Posted on April 29th, 2012 by
The incidence of babies with irregular head shapes, such as a flattened section in the back of the skull, have increased in the United States since the Back to Sleep campaign was introduced in 1994 to prevent sudden infant death syndrome, an expert says. "There's no doubt that as we as a country began putting babies to sleep on their backs, the incidence of [sudden infant death syndrome] declined significantly," Dr. Sherilyn Driscoll, director of pediatric rehabilitation medicine at the Mayo Clinic in Rochester, Minn., said in a Mayo news release.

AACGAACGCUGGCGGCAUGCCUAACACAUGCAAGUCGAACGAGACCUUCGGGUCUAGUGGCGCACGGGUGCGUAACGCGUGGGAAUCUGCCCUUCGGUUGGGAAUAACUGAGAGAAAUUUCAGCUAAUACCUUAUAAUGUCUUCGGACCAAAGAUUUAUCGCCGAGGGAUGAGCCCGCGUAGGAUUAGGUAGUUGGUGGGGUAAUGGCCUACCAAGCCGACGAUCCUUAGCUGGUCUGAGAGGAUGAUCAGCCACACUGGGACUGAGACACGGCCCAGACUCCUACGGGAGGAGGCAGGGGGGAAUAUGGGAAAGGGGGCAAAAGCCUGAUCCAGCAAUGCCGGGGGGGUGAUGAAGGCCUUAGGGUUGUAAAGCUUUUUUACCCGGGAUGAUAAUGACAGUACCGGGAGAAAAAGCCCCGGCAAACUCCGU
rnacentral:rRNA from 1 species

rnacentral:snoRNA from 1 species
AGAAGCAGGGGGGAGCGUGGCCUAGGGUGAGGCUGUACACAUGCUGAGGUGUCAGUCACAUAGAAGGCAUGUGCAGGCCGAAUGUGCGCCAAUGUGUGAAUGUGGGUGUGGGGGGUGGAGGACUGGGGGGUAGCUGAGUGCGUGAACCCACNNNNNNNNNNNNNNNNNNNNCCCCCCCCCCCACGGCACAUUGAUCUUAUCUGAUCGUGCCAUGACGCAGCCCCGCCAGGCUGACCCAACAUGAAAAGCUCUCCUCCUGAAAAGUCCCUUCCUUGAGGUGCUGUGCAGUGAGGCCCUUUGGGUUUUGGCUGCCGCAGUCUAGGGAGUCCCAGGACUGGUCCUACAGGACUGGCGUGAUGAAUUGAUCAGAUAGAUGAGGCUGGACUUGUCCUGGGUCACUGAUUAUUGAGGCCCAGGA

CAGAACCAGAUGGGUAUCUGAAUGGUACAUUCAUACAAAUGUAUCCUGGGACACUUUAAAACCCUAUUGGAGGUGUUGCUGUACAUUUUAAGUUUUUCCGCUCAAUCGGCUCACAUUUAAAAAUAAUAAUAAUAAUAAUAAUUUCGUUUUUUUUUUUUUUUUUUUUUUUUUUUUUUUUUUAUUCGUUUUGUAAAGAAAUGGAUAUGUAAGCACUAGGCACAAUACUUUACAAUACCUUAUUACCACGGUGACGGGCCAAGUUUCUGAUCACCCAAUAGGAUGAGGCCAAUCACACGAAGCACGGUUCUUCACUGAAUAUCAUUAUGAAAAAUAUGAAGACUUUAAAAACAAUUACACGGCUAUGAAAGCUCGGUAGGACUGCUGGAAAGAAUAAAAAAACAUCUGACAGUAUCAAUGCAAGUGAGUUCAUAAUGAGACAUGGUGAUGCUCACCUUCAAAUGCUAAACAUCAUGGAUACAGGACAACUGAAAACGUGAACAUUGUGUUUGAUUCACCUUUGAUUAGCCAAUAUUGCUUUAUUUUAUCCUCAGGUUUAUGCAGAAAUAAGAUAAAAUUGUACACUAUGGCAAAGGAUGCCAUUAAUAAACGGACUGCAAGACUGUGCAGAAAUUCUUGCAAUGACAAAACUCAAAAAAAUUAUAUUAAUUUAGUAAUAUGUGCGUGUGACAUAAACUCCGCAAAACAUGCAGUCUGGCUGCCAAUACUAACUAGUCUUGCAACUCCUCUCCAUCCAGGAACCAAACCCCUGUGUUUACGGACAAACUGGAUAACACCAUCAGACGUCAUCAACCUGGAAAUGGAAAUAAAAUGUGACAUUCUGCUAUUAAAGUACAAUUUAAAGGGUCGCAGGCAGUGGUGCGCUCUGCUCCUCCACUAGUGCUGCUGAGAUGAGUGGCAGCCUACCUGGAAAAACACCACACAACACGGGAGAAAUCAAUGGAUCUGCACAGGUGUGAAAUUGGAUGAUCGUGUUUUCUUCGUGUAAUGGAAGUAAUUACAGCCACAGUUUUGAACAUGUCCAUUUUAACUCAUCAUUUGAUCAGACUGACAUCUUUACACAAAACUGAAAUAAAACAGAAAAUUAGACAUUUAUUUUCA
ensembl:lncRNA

US News & World Report 4/29/12
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